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Colonial officials say pipeline restarted

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A pipeline responsible for carrying refined petroleum to South Carolina and other states in the Southeast has been repaired, according to the operator of the pipeline.

Colonial Pipeline, based in Alpharetta, Ga., said Wednesday night its Line 1 has been “restarted and returned to service.”

This aerial photo shows a man-made mine retention basins at a spill response site in Alabama. Georgia-based Colonial Pipeline said it has cleared the basin on the right of gasoline. The spill has caused fluctuations in gas prices and product availability in North Carolina and South Carolina. (Photo  provided)The line suffered a break on Sept. 9 that impacted gas supply and gas prices from North Carolina to Georgia. The company reported nearly 336,000 gallons of gasoline spilled as a result of the leak, according to

Colonial said, in a news release, while the leak has been repaired and the line is operational, “it is expected to take several days for the fuel delivery supply chain to return to normal.”

“Some markets served by Colonial Pipeline may experience, or continue to experience, intermittent service interruptions,” the release said. “Colonial continues to move as much gasoline, diesel and jet fuel as possible and will continue to do so as markets return to normal.”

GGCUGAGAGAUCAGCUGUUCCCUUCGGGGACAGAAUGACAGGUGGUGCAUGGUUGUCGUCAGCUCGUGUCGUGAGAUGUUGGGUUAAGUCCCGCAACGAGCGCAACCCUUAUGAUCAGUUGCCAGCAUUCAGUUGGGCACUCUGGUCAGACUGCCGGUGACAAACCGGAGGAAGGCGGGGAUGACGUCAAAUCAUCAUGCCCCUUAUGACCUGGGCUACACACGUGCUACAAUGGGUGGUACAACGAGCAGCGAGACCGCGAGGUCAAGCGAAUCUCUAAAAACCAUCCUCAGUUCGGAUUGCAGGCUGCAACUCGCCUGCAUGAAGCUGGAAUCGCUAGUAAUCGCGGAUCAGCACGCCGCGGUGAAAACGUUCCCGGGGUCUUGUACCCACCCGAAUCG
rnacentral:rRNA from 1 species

The supply disruption had a negative impact on gasoline supply and prices across North Carolina and South Carolina. Grocery store chain Ingles said its fuel supplies were seriously impacted by the supply disruption. According to gasoline price monitoring website, gasoline prices in Greenville reached over $2 per gallon for the first time in over three months.

Gregg Lazkowski, senior petroleum analyst for, said the price hike was not a surprising market reaction considering the volume of product lost in the pipeline that runs from Houston, Texas to New Jersey. He said even when the pipeline is restored, it will take time for the market to even out and for prices level out.

“The good news for the Carolinas is because you have access to the coast, there is access to alternatives to fuel that is not based in a pipeline, but Tennessee is not that fortunate,” Lazkowski said. “There are some other potential options to alleviate the needs, but none of it comes together quickly.”

Colonial said it has used more than 800 personnel at the site in Alabama to remediate the site and repair the pipeline. The company said it will continue to focus on site remediation. They said they still have not identified the cause of the spill.

“Colonial will continue to excavate and remove the impacted segment of the pipeline so that a full and complete investigation can be conducted to determine the cause of this incident,” the company said. “It would be premature to speculate on the cause of the Sept. 9 release until the pipe has been excavated, inspected, and investigations are complete.”

Reach Matthew Clark at 864-720-1222.

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